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Principles of Fleet Composition

November 26, 2008

We consider the current chaos in shipbuilding with brand new warships forced into foreign ports for drastic repairs, not to mention budget busting cost overruns, plus the looming threat from sophisticated precision weapons at sea, are the first signs of senility in large surface warships. By this we mean the industrial age ships which came into being at the dawn of the last century are reaching the end of their usefulness in this new mellinia.

In contrast to this block obsolescence of entire classes within the surface fleet are the evolutionary submarine designs, which often suffer from structural faults and cost overruns themselves. Still, if the ability to survive in world with the proliferation of modern anti-ship weapons are going unchecked such as cruise missiles, deadly accurate precision bombs, advanced torpedoes and underwater rockets, and even old fashioned naval mines, then the modern submarine is unmatched.

The principles of fleet composition never change however, even as warships and hull designs alter over the centuries. Command of the sea and the ability of sea-going nations to project their will ashore is still the dominant purpose of navies. Throughout the ages, sea powers have utilized 3 main warships types to achieve these goals (not including the fleet train or small gunboats which for simplicity’s sake we will omit):

  1. The Battleship-This might also be known as a capital ship, ship of the line, and the more modern description of a mothership. The aircraft carrier is a mothership, and some would include the amphibious warship in this category.
  2. The Cruiser-Before the 20th Century, this was called a frigate. The privateer is also in this category. Roles might be multiple including commerce raiding as well as protection, scouts, dispatch vessels, command ships for flotillas and so on. The modern guided missile cruiser is not a true cruiser in the historical sense, but might be included in the following category.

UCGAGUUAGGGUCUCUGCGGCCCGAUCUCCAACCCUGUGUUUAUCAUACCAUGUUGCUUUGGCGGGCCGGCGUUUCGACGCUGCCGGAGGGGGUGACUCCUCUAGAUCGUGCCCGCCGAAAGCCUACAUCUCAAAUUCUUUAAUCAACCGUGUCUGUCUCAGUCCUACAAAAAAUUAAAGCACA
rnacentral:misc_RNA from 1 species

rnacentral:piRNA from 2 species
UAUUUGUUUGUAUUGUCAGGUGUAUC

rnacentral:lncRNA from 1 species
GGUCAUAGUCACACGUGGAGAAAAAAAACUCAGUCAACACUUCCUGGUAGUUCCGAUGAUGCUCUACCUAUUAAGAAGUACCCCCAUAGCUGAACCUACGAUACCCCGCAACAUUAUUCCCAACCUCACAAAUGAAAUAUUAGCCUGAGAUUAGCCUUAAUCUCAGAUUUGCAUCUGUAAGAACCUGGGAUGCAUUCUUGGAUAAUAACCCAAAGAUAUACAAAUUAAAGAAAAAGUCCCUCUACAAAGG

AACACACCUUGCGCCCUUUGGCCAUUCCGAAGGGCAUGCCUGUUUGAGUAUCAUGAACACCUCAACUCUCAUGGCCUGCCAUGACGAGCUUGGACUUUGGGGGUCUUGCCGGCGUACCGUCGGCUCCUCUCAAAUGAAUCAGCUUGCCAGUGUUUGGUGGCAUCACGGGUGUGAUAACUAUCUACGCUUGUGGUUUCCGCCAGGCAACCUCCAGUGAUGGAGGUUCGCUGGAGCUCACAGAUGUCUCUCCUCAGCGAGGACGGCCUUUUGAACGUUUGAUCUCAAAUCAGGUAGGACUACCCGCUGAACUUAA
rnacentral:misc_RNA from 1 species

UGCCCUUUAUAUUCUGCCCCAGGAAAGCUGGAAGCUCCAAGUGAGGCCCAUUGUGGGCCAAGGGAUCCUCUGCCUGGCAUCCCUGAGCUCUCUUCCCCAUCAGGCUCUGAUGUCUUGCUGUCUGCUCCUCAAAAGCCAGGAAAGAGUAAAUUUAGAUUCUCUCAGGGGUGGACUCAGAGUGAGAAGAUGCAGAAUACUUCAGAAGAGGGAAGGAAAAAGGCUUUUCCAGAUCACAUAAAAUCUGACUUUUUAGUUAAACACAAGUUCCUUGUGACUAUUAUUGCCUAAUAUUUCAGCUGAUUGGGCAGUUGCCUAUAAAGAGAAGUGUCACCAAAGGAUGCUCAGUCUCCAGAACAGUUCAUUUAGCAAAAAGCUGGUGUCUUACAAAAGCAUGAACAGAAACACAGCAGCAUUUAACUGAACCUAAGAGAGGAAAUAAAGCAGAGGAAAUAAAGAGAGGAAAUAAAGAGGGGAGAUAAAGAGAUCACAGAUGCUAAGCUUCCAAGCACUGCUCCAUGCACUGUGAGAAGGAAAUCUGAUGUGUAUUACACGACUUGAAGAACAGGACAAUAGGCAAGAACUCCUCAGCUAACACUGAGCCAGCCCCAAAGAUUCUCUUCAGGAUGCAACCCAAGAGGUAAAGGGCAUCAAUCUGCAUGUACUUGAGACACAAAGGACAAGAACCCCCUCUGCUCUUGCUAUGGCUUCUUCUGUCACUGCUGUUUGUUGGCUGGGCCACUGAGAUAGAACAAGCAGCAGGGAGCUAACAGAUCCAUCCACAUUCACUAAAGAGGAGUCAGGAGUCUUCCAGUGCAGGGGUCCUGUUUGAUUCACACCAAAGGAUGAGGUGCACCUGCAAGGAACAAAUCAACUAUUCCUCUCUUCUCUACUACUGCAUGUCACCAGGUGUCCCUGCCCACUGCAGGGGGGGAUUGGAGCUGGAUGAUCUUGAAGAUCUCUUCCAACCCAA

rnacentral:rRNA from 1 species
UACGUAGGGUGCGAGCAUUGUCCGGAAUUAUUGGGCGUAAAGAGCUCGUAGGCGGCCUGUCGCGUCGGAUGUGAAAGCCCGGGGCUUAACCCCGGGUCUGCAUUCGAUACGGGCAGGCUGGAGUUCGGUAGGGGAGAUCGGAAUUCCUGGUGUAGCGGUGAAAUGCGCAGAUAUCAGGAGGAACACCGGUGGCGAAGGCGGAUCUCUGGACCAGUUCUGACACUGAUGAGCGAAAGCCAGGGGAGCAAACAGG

3. The Destroyer-The smaller the vessel, the more roles required of it. The destroyer through history (and its like is from even ancient times) would be to defend the battlefleet from small attack craft, with some of the offensive characteristics of the latter. The terminology is modern, of course, but history has often seen its like with dromons, sloops, corvettes, fire ships, destroyer escorts and modern frigates. Minelayers and sweepers are also of this category.

Note also that the roles of each of the types might overlap. For instance, the race-built galleon of the Elizabethan Navy were famously used by Admirals Drake and Hawkins to prey on Spanish treasure fleets in the New World as cruisers. Then when their island homeland was imperiled by the Spanish Armada, these same warships were utilized within the battlefleet to repel the common foe. Later these ships built for greater speed and maneuverability by the 18th century had morphed into the slow, cumbersome but powerful ship of the line.

Tomorrow we apply the principles to the “All Submarine Navy“.

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